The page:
To call newly confirmed Secretary of Education Betsy DeVos “a school choice advocate” is an understatement.
She’s a menace to public education.
DeVos has never been a teacher or school administrator. Her mission in life isn’t to educate on the fundamentals of teaching: expanding minds, enabling critical thinking, and preparing young people to thrive in a complex world. No, her stated life’s purpose is to “advance God’s kingdom.” As such, she’s been a champion of for-profit religious and charter schools. Her idea of a good education entails religious indoctrination in the same way that schools in a totalitarian regime require the militarization of thought to coincide with the government’s agenda.
All of this made DeVos one of the most controversial of Donald Trump’s Cabinet nominees.
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Once again, Sen. Marco Rubio was in the position to make a difference — but didn’t.
Scores of constituents called and wrote letters asking he vote No on the DeVos nomination. So many reached out that his phone was perennially busy, his message box full. Given DeVos’ lack of expertise, unpreparedness at her confirmation hearings and countless other shortcomings, pretending to care about the fate of public education was the least Rubio could’ve done for Floridians.
But DeVos was always a real slam dunk Yes vote for Rubio, who was chronically absent from his Senate perch the past four years, but is now working hard to validate the agenda of the president whom he called on the campaign trail “a con man.”
Running for reelection in Miami, Rubio sold himself as a checks-and-balances senator to a possible Trump presidency.
But his vote to confirm DeVos is Rubio’s latest bow to Trump — and money.
First, there was the Rex Tillerson and Marco Rubio show: Vladimir Putin friend vs. anti-Castro warrior senator.
Rubio owed that to his Miami Cuban base.
In the Senate Foreign Relations Committee hearing, Rubio came at Tillerson with the zest of a trial attorney, questioning and confronting him. Would Tillerson label Putin a “war criminal” over his actions in Syria? Tillerson said he would not. Rubio lectured on human rights. He was on fire. The Internet cheered him. Rubio was back at work!
Rubio could’ve torpedoed Tillerson’s nomination right then and there. But, as we all know, he announced on Facebook that he would vote to confirm his nomination. (The ever-eloquent senator needs more characters than Twitter affords.)
And he did; he caved and voted to confirm Trump’s Putin-loving buddy.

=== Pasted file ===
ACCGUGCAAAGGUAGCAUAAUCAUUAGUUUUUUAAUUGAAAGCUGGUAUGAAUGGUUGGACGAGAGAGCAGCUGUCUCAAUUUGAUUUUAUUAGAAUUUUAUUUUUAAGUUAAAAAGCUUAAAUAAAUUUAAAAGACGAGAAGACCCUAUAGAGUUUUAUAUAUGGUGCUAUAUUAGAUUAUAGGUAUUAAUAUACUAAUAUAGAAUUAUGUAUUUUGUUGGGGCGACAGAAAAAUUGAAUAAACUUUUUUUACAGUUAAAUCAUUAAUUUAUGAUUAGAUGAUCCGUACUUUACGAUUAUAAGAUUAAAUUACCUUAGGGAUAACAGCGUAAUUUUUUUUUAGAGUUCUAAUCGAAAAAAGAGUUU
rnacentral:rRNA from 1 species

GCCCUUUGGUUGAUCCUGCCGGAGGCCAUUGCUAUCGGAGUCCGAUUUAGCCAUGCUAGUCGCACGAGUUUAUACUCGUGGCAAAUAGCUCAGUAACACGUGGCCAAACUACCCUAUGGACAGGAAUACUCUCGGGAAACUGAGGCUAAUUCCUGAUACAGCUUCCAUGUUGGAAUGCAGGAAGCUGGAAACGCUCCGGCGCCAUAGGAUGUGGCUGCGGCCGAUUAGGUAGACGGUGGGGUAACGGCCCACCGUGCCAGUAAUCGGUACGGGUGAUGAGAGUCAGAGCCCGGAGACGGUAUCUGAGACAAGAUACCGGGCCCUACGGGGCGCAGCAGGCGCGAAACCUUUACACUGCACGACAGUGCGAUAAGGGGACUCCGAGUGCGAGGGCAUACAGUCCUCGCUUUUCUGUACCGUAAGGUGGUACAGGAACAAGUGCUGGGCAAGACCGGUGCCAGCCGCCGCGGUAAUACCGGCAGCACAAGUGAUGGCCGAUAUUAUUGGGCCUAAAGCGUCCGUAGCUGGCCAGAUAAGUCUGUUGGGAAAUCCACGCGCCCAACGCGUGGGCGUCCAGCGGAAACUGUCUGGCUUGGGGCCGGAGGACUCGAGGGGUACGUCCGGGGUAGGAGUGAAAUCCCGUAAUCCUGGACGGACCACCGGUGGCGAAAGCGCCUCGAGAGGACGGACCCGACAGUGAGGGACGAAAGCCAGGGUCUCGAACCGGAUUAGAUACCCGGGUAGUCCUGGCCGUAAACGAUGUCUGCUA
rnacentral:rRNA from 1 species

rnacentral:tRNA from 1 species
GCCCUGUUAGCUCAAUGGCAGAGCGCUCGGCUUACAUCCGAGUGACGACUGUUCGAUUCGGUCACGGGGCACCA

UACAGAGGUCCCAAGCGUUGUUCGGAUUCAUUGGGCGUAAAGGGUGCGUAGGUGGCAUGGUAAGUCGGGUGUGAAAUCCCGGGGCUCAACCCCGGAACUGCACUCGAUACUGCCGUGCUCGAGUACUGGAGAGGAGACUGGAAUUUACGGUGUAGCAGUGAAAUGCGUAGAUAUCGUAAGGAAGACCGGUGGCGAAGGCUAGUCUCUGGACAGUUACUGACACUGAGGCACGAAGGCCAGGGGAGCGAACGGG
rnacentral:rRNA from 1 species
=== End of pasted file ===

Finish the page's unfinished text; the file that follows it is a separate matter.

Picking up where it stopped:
His vote for DeVos, flawed as she is, shouldn’t surprise.
She’s a generous Republican donor who contributed hundreds of thousands of dollars to the GOP senators who voted Tuesday to confirm her. Of all the money that she and her family, who founded and ran the pyramid-style sales company Amway, gave to elect Republicans to Congress over the years, Rubio got the largest chunk — $98,000, according to the Center for American Progress.
On top of that, billionaire DeVos is an unabashed advocate of for-profit schools. In Florida, they’ve sprouted like weeds, thanks to the Republican-dominated Legislature and local governments that approve zoning and construction of schools that siphon public education dollars.
Given the scenario, Rubio’s demeanor toward his concerned constituents is consistent with his dismissal of pleas for him to vote for the Affordable Care Act and act on immigration reform. He has no time for people who don’t think like him or pass his ideological test.
If he really were a “checks-and-balances” senator as he claimed, Rubio could’ve made a big difference twice now. Two Republicans from Maine and Alaska broke rank and voted with Democrats to block DeVos’ nomination. Only one more was needed.
But why would Rubio part with party when respected Republicans like John McCain voted for DeVos? And when former Florida Gov. Jeb Bush endorsed her, clearing the path for reasonable Republicans to fall right in line with the party?
When the vote came to a 50-50 tie, Vice President Mike Pence, an entrenched Catholic ideologue, predictably swooped in to save the day for Trump, DeVos, and the Republican Party, which stands the best chance it has ever had in bringing back proselytising to public education.
According to the Senate historian, it was the first time that a vice president was called to break a tie on a Cabinet nomination. But for all of its infamous firsts, the Donald Trump presidency is proving to be no fluke.
The Betsy DeVos confirmation is evidence that Republicans feel right at home with their new party leader and his agenda.
Miami’s chameleon senator is no exception.